Using Highways During Evacuation Operations for Events with Advance Notice: Routes to Effective Evacuation Planning Primer Series
Transportation networks provide a key service during emergency evacuations. Transportation operations significantly determine the safety and efficiency with which evacuations are implemented. Although there may be multiple modes of travel involved in evacuating populations, the most frequently and heavily used are highways and secondary roads. A basic approach to strengthening the service of the transportation network in emergency evacuations is to involve the transportation community in the planning process. Fully linking the transportation sector with emergency management in all phases of preparedness will enhance the ability of the transportation sector to support emergency evacuations. Thus, the state and local agencies responsible for emergency evacuations have an interest involving the transportation sector in the development of emergency plans as well as their implementation.
The Federal Highway Administration (FHWA) has produced a primer for emergency response managers and transportation officials entitled "Using Highways during Evacuation Operations for Events with Advance Notice." The primer serves as a guide for local and state planners on the lessons learned and best practices for maximizing the use of the highway network in emergency evacuations. A fundamental step recommended by the FHWA primer is to involve transportation subject matter experts and those with appropriate authorities in the evacuation planning process. In addition to lessons learned, the FHWA primer discusses transportation resources including ITS tools, traffic operations and incident management that can support emergency evacuations.
Emergency evacuations most frequently occur on a local level and are managed by one jurisdiction. Larger scale evacuations, which occur less frequently, can impact neighboring communities and involve multiple partners. In either case, evacuation operations will utilize the highway network. To be prepared for local or regional evacuations, regional partners should use a common evacuation Concept of Operations (CONOPS) that laid the foundation for conducting emergency evacuations by identifying stakeholder roles and responsibilities. The CONOPS should address how the partners would conduct and manage transportation operations. The FHWA primer on using highways for evacuation operations addresses this issue and advances the following best practices:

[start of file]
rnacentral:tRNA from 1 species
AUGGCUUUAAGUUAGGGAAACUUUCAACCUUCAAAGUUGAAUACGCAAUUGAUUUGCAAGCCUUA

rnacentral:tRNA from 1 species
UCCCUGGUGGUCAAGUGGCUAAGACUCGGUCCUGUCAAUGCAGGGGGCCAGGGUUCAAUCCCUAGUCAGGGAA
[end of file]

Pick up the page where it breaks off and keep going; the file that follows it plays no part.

- In developing a common CONOPS for evacuation operations, integrate traffic management into all phases of the evacuation. The highway network is the most commonly used means to evacuate the population from harm's way. It is also used in all phases of evacuation operations, including transporting emergency responders to an incident, moving resources (such as medical supplies or firefighting equipment) and returning evacuees during re-entry operations. Therefore, traffic management and highway operations are integral to evacuation CONOPS, and transportation officials with the appropriate authorities are among its key stakeholders.
- Even if a CONOPS is for a local evacuation, coordinate with neighboring jurisdictions. An evacuation CONOPS is developed by local authorities to meet the needs of its community. However, evacuations could impact or even require assistance from neighboring jurisdictions. In addition, evacuations involve the highway system, a resource that is shared among neighboring communities. To obtain support from other jurisdictions and to coordinate the management of the highway network, it is necessary for emergency management to share their local evacuation CONOPS with neighboring communities. Sharing a local CONOPS will clarify the roles and responsibilities of different agencies and improve the ability of emergency responders from neighboring jurisdictions to coordinate their emergency response.
- In the CONOPS, establish agreements for supplemental support from neighboring jurisdictions. Emergency events do not confine themselves neatly within jurisdictional boundaries, and can have an impact across communities. Indeed, evacuees fleeing from harm's way (e.g., from an approaching hurricane) may require shelter in neighboring towns, counties or states. Thus, a CONOPS for local evacuations that focuses on the local response must also address the potential demands of a larger scale evacuation and establish support agreements with neighboring jurisdictions and regional partners on responding to incidents (e.g., fighting a wildfire), providing shelter for evacuees, and conducting highway operations in the evacuation. Similarly, supplemental support agreements among neighboring highway agencies are necessary to facilitate the re-entry of evacuees.
The highway network is an integral factor in evacuation operations and a resource that is shared among neighboring jurisdictions. Using a common CONOPS that integrates the highway network in all phases of the evacuation and establishes agreements for supplemental support will improve the efficiency of and mobility in highway operations during emergency evacuations.